Pro-Rouhani columnist Sadegh Zibakalam even wondered whether Iran needed a nuclear project at all. If the project was aimed at producing electricity, Iran didn’t need it because the country had ample oil and gas, he argued. In any case, the project’s prohibitive cost prevented the government from investing in other areas of development.

Triggered almost by accident, the debate highlighted one surprising fact: the nuclear project had never been discussed and debated in public, not only in the media but also in the Islamic Majlis (parliament).

For a few weeks, Iranians were able to read articles for and against the nuclear project. On the eve of the Vienna talks, however, the Ministry of Islamic Guidance wrote to editors warning them not to criticize Rouhani’s strategy and tactics in the negotiations. One weekly, 7 Dey, which ignored the minister’s order, was unceremoniously shut down and two other outlets critical of Rouhani, including the all-powerful Kayhan, received “stern warnings.”

Rouhani’s government has closed down more newspapers in two years than former President Mahmoud Ahmadinejad did in eight years.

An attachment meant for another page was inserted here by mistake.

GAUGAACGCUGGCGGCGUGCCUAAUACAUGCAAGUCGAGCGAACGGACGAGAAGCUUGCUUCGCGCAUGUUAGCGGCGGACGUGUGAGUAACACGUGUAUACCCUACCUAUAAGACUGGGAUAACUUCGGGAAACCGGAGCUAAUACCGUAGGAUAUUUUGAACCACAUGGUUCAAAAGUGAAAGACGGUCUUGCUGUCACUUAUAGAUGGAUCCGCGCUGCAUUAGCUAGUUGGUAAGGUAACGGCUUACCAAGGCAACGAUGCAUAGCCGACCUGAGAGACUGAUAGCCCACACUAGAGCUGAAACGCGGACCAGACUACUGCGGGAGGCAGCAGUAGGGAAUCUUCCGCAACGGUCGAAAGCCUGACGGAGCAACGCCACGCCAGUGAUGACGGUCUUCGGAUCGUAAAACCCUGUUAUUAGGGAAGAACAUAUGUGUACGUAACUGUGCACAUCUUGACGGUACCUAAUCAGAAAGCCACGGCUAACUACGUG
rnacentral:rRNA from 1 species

However, shutting papers in Iran is no easy task. All news outlets belong to someone influential within the establishment. Many publications are directly owned by the government and/or the Islamic Revolutionary Guard Corps. Nevertheless, the government can force many outlets into line by threatening to cut their subsidies, limit their purchases of newsprint, and cut down their share of public sector advertising. The Mullahs and the generals who own the newspapers are not ready to spend their own money on them. And because not a single newspaper covers its own cost in Iran today, none could survive without government subsidies.

Against that background, it is remarkable that the Iranian media have succeeded in generating a serious debate about the issue. They have been helped by the fact that many powerful figures within the Khomeinist establishment are opposed to any deal on ideological grounds. More importantly, perhaps, Khamenei’s refusal to take sides has been interpreted as a green light for an open debate.